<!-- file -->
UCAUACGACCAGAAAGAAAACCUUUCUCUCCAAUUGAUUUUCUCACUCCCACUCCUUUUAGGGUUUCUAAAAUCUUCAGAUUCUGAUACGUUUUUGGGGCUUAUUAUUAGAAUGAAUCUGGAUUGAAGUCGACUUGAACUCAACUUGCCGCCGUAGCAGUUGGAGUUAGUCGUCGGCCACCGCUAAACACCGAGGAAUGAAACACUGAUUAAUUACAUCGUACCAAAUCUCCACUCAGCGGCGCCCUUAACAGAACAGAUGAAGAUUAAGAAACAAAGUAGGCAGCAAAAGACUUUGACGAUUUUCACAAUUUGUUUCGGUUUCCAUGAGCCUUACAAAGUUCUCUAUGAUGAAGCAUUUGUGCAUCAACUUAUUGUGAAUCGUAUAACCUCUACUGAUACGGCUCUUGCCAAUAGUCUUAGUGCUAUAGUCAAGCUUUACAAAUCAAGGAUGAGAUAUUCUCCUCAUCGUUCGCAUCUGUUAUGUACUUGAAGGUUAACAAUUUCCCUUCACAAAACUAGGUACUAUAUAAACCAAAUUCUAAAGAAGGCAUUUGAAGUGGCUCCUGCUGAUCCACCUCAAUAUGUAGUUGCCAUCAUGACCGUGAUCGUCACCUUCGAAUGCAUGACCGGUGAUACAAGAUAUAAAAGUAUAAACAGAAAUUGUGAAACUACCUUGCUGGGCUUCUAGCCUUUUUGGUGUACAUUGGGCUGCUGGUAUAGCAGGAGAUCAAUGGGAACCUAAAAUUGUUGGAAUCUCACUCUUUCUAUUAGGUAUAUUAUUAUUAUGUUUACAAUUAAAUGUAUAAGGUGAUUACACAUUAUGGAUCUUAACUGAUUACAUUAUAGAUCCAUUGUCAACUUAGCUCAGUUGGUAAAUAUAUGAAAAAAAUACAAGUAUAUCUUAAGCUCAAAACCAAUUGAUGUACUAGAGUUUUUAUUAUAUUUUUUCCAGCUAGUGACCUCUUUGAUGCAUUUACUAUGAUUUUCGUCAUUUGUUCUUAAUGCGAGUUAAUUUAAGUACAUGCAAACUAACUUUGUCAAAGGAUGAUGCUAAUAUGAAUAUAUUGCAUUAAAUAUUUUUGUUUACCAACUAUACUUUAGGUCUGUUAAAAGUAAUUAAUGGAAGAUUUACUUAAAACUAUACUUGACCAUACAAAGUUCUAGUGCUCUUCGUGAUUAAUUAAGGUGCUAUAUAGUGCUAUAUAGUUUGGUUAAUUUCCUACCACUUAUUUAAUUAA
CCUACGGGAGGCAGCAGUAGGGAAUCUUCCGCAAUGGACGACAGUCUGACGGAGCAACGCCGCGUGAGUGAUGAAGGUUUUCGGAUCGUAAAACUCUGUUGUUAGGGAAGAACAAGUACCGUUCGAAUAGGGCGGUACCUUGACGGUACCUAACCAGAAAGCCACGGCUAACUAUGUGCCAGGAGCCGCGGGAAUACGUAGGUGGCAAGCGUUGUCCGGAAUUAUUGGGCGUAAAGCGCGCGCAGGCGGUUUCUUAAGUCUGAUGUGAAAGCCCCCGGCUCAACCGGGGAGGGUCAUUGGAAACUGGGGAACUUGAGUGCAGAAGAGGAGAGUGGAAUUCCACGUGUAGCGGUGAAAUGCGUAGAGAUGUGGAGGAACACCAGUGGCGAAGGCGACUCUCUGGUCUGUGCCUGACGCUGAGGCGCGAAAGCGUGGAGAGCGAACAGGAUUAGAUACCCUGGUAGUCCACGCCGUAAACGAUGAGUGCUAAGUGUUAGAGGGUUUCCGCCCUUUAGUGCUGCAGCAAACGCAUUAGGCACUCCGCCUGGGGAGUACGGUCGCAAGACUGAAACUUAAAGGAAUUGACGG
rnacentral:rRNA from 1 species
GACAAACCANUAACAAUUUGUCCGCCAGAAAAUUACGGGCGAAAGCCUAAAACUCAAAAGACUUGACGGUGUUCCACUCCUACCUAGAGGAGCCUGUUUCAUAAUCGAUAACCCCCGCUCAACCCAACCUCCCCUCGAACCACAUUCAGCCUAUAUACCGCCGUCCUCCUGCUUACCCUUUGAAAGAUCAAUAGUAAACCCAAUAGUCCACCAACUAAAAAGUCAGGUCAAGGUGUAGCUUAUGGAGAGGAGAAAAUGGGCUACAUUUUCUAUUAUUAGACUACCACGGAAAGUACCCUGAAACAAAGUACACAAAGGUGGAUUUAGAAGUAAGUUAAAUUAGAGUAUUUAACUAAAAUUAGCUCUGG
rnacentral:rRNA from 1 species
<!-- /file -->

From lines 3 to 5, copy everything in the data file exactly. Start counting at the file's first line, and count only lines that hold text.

rnacentral:rRNA from 1 species
GACAAACCANUAACAAUUUGUCCGCCAGAAAAUUACGGGCGAAAGCCUAAAACUCAAAAGACUUGACGGUGUUCCACUCCUACCUAGAGGAGCCUGUUUCAUAAUCGAUAACCCCCGCUCAACCCAACCUCCCCUCGAACCACAUUCAGCCUAUAUACCGCCGUCCUCCUGCUUACCCUUUGAAAGAUCAAUAGUAAACCCAAUAGUCCACCAACUAAAAAGUCAGGUCAAGGUGUAGCUUAUGGAGAGGAGAAAAUGGGCUACAUUUUCUAUUAUUAGACUACCACGGAAAGUACCCUGAAACAAAGUACACAAAGGUGGAUUUAGAAGUAAGUUAAAUUAGAGUAUUUAACUAAAAUUAGCUCUGG
rnacentral:rRNA from 1 species